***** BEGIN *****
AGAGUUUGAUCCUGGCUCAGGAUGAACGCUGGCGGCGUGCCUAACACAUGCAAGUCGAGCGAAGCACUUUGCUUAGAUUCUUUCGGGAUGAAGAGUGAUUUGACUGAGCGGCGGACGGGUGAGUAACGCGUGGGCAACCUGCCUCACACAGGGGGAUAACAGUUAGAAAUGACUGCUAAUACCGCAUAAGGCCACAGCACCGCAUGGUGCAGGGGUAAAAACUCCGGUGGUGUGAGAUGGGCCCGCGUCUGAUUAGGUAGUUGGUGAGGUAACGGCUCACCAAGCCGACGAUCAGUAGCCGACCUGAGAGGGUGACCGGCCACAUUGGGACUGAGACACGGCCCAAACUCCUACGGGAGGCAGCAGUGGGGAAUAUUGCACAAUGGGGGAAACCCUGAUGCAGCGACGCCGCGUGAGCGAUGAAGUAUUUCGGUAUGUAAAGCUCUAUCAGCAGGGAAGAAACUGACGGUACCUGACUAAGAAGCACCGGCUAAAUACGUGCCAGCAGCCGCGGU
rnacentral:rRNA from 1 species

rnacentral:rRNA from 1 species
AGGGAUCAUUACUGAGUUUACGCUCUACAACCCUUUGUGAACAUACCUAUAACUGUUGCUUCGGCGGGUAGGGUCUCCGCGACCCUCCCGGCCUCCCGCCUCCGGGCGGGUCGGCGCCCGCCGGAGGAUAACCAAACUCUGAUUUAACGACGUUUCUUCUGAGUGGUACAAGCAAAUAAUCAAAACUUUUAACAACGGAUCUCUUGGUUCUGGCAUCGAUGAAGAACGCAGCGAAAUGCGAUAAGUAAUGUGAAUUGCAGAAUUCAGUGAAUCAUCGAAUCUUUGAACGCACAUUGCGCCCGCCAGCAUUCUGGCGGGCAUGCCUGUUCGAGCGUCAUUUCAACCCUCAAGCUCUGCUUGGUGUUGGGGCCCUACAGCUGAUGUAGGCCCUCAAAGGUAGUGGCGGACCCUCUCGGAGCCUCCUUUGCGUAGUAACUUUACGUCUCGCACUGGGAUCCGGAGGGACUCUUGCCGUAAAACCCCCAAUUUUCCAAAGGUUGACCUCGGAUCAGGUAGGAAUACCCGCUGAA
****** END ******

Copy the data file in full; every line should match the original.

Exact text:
AGAGUUUGAUCCUGGCUCAGGAUGAACGCUGGCGGCGUGCCUAACACAUGCAAGUCGAGCGAAGCACUUUGCUUAGAUUCUUUCGGGAUGAAGAGUGAUUUGACUGAGCGGCGGACGGGUGAGUAACGCGUGGGCAACCUGCCUCACACAGGGGGAUAACAGUUAGAAAUGACUGCUAAUACCGCAUAAGGCCACAGCACCGCAUGGUGCAGGGGUAAAAACUCCGGUGGUGUGAGAUGGGCCCGCGUCUGAUUAGGUAGUUGGUGAGGUAACGGCUCACCAAGCCGACGAUCAGUAGCCGACCUGAGAGGGUGACCGGCCACAUUGGGACUGAGACACGGCCCAAACUCCUACGGGAGGCAGCAGUGGGGAAUAUUGCACAAUGGGGGAAACCCUGAUGCAGCGACGCCGCGUGAGCGAUGAAGUAUUUCGGUAUGUAAAGCUCUAUCAGCAGGGAAGAAACUGACGGUACCUGACUAAGAAGCACCGGCUAAAUACGUGCCAGCAGCCGCGGU
rnacentral:rRNA from 1 species

rnacentral:rRNA from 1 species
AGGGAUCAUUACUGAGUUUACGCUCUACAACCCUUUGUGAACAUACCUAUAACUGUUGCUUCGGCGGGUAGGGUCUCCGCGACCCUCCCGGCCUCCCGCCUCCGGGCGGGUCGGCGCCCGCCGGAGGAUAACCAAACUCUGAUUUAACGACGUUUCUUCUGAGUGGUACAAGCAAAUAAUCAAAACUUUUAACAACGGAUCUCUUGGUUCUGGCAUCGAUGAAGAACGCAGCGAAAUGCGAUAAGUAAUGUGAAUUGCAGAAUUCAGUGAAUCAUCGAAUCUUUGAACGCACAUUGCGCCCGCCAGCAUUCUGGCGGGCAUGCCUGUUCGAGCGUCAUUUCAACCCUCAAGCUCUGCUUGGUGUUGGGGCCCUACAGCUGAUGUAGGCCCUCAAAGGUAGUGGCGGACCCUCUCGGAGCCUCCUUUGCGUAGUAACUUUACGUCUCGCACUGGGAUCCGGAGGGACUCUUGCCGUAAAACCCCCAAUUUUCCAAAGGUUGACCUCGGAUCAGGUAGGAAUACCCGCUGAA